This quickly loses a third pawn; better was 16... Nc7.
17. Qh4! Qf5 18. Bxf6 Qxf6 19. Qxh7+ Qg7 20. Qf5+ Qf6 21. Bxd5+ Bxd5 22. Qxf6+
22. Qxd5+ Kf8 23. Qb7! Nb4 24. a3 Reb8 25. Qh7 Na6 (25... Nc6 26. b4) 26. Qd3 Nc7 27. Ne4 followed by 28.b4 would have decided the game immediately but OK, it's a typical computer line.
22... Kxf6 23. Nxd5+ Kf7 24. e3 With four pawns for the piece this should normally be winning too and Ponomariov did win it at move 54.

Peter Heine Nielsen was knocked out by Vugar Gashimov. After five games all won by the white player, the score was 3-2 for the Azerbaijani and then he won with Black too:

Khanty-Mansiysk, 2011

Black was already putting pressure on White's position, but this drops a piece immediately, with the unpositional swap of the fianchetto bishop for the knight:
18… Bxc3! 19. Bxc3 Qc7 20. Rc1 Rc8 and Black won.

Vassily Ivanchuk beat Bu Xiangzhi 2-0 and made it look easy. However, at the press conference the Ukrainian denied this: "No, I cannot say this is the case. One can see that my opponent was not that lucky in rapid games, but my victory was not an easy one, because I had to calculate a lot of variations during the game itself."

Alexander Grischuk also needed just two games to beat Vladimir Potkin. The first he drew with White, and then in the next game Potkin made a huge error in a pawn ending:

Khanty-Mansiysk, 2011

48. Kb3?
After 48. b5 the position is a draw.
48... Kb5 49. Kc3 e3! 50. Kd3 Kxb4 51. Kxe3 Kc3

The opposition decides the pawn ending.
52. Ke2 Kc2 53. Ke3 Kd1 54. Kf2 Kd2 55. Kf3 Ke1 56. Ke3 Kf1 57. Kf3 Kg1 0-1

Games tie-breaks round 4



FIDE World Cup 2011 | Round 4 results
Name G1 G2 R1 R2 r3 r4 B1 B2 SD Tot
Round 4 Match 01
Polgar, Judit (HUN) 0 1 1 0 1 0 ½ 1   4.5
Dominguez Perez, Leinier (CUB) 1 0 0 1 0 1 ½ 0   3.5
Round 4 Match 02
Bu, Xiangzhi (CHN) ½ ½ 0 0           1
Ivanchuk, Vassily (UKR) ½ ½ 1 1           3
Round 4 Match 03
Zherebukh, Yaroslav (UKR) 0 0               0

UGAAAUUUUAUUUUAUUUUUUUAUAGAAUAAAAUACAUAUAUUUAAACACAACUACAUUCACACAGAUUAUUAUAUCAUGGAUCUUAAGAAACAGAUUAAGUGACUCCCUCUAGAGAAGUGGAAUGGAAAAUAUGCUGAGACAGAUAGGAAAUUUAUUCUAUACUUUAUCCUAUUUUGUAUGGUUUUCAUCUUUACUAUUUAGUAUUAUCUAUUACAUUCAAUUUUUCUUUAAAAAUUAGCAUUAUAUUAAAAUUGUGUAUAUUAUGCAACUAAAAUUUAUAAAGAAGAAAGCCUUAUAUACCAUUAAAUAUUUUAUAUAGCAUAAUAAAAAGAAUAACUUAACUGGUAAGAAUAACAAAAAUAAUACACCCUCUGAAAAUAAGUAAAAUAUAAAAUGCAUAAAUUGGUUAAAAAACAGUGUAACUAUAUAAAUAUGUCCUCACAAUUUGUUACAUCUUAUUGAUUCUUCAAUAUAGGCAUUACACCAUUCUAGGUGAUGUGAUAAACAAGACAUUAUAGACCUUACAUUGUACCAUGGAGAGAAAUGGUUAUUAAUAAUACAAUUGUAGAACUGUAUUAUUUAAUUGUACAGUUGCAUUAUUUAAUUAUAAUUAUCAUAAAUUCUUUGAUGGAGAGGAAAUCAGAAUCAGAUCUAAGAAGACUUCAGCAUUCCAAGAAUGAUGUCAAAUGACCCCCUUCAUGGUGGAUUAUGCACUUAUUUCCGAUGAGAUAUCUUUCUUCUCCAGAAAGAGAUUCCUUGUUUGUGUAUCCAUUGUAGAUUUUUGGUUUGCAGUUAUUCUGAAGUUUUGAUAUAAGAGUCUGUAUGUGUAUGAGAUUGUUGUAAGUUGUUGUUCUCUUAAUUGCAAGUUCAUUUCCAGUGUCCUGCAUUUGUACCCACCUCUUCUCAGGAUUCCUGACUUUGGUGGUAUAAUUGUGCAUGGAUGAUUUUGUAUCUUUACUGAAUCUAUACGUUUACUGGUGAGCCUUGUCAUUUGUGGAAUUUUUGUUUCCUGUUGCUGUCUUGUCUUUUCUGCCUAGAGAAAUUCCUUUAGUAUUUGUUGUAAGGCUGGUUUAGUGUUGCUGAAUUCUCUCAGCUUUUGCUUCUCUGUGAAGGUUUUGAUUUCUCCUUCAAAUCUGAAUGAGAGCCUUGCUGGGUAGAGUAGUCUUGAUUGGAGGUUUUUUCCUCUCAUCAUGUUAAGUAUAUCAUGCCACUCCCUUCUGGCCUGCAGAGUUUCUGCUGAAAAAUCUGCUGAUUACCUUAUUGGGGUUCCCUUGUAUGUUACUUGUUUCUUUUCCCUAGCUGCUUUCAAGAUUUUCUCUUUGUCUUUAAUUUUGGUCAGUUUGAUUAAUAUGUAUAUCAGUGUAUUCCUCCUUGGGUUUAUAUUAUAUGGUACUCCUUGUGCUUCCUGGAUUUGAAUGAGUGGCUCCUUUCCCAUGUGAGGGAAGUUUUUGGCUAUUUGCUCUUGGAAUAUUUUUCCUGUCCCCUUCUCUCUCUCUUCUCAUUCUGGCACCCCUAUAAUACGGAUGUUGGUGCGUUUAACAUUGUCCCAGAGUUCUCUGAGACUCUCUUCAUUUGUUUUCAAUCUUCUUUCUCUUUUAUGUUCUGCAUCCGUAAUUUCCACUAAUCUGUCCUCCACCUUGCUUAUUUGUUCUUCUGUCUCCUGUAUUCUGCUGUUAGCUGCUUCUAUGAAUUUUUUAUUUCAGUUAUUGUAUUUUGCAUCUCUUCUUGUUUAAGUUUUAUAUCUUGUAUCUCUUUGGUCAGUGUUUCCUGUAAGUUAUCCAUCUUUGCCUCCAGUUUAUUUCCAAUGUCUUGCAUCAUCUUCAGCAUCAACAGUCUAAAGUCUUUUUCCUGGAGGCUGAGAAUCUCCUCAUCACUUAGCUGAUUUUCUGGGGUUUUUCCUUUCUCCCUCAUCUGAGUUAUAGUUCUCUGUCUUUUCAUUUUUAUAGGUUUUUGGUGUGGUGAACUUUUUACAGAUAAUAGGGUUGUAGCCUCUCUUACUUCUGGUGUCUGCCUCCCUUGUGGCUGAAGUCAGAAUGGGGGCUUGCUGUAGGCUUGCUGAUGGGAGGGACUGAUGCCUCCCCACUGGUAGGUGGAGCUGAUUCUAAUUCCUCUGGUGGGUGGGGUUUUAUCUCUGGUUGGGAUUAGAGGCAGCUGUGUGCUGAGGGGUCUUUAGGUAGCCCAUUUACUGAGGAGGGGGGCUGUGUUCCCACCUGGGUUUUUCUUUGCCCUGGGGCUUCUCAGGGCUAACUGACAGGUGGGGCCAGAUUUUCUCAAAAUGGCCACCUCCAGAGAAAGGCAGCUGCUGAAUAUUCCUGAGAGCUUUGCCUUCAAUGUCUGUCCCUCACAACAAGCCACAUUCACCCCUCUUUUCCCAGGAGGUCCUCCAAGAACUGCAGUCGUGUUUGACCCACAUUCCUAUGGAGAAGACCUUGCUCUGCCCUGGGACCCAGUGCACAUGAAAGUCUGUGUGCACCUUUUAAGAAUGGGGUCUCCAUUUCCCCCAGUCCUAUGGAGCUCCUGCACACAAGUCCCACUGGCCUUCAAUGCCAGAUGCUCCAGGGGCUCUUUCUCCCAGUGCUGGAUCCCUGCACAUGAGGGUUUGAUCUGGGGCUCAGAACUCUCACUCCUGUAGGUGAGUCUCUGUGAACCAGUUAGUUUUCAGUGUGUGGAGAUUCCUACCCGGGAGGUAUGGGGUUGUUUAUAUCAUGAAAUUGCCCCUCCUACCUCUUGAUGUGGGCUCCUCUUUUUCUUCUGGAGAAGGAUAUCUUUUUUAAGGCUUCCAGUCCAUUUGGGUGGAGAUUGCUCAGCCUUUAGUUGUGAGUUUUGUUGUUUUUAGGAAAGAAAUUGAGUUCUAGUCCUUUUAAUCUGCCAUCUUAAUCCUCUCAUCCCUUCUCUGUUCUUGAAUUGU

Navara, David (CZE) 1 1               2
Round 4 Match 04
Bruzon Batista, Lazaro (CUB) ½ ½ 0 1 1 0 ½ 0   3.5
Ponomariov, Ruslan (UKR) ½ ½ 1 0 0 1 ½ 1   4.5
Round 4 Match 05
Gashimov, Vugar (AZE) 1 0 1 0 1 1       4
Nielsen, Peter Heine (DEN) 0 1 0 1 0 0       2
Round 4 Match 06
Potkin, Vladimir (RUS) 1 0 ½ 0           1.5
Grischuk, Alexander (RUS) 0 1 ½ 1           2.5
Round 4 Match 07
Radjabov, Teimour (AZE) 1 ½               1.5
Jakovenko, Dmitry (RUS) 0 ½               0.5
Round 4 Match 08
Svidler, Peter (RUS) 1 1               2
Kamsky, Gata (USA) 0 0               0

Photos © FIDE | Official website


Peter Doggers's picture
Author: Peter Doggers

Founder and editor-in-chief of, Peter is responsible for most of the chess news and tournament reports. Often visiting top events, he also provides photos and videos for the site. He's a 1.e4 player himself, likes Thai food and the Stones.


Marvel's picture

Next is Svidler vs Polgar! It is a bit sad that one of them has to go out. I wanted both of them to go further.

john's picture

Svidler eliminates Kamsky 2-0, impressive, Peter is really on a roll.

RuralRob's picture

Judit has got to be exhausted after all those nerve-wracking games against Dominguez. She is going to have a tough time against the well-rested Svidler. All the same, I wish her the best of luck.

Go Judit!

Alvaro Frota's picture

Go Judith! Go!

Juan's picture

Well, both cubans are eliminated, now it is time to root for Judith and Ivanchuk.

Nima's picture

What a day! One game more exciting than the next!

Johnny's picture

Any 3 of the 8 quarterfinalists will be worthy candidates in the 2013 world championship candidates cycle. And the public has gotten to witness fascinating struggles and good fighting chess. So in that sense this tournament has been a massive success i would say.

bondegnasker's picture

There's a surprising lack of surprises this time around. The only real surprise in the remaining 8 players is that Judit is only seeded 33rd.

Thomas's picture

Looking at the history of knockout events, just one surprise in (or, all the way to) the quarterfinals seems rule rather than exception:

- 2009 had Malakhov (#22, but rather unknown at least outside of Russia)

- 2007 had Cheparinov (#31)

- 2005 had #38 Gurevich and #39 Rublevsky (but the latter somehow managed to avoid very strong opposition)